Israel announced on Nov. 27 that it will ban all foreigners from entering the country in response to the new Omicron Covid-19 variant.
The Omicron variant is considered a "variant of concern" by the World Health Organization (WHO), citing its "large number of mutations".
Israel's travel ban
Israeli Prime Minister Naftali Bennett said in a statement that the ban, pending government approval, would last 14 days, reported Reuters.
The ban will come into effect at midnight between Sunday and Monday (Nov. 28 and 29).
Israeli nationals entering Israel will have to undergo a three-day mandatory quarantine if they're vaccinated, or a seven-day quarantine if they're unvaccinated, according to the BBC.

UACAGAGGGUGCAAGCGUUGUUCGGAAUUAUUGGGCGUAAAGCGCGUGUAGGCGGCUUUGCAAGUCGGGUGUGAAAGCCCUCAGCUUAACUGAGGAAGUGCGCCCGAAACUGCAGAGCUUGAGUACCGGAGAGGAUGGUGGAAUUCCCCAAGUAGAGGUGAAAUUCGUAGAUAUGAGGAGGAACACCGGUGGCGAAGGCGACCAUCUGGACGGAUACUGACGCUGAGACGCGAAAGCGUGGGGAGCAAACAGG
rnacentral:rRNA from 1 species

Reuters reported that Israel has had one confirmed case of Omicron and seven suspected cases.
"Our working hypotheses are that the variant is already in nearly every country," said Interior Minister Ayelet Shaked.
He added that "the vaccine is effective, although we don't yet know to what degree."
This blanket ban on all foreigners came after Israel imposed a travel ban on all non-Israelis from most African states on Nov. 26.
Israel had just opened its borders to fully vaccinated tourists for the first time since the pandemic on Nov. 1, reported The Times of Israel.
Transmission of the Omicron variant
First detected in South Africa, the variant has also been found in the United Kingdom, Germany, Italy, Belgium, and Hong Kong, according to Al Jazeera.
While there are concerns that the new variant is more transmissible and resistant to current vaccines, research about the Omicron variant is still ongoing.
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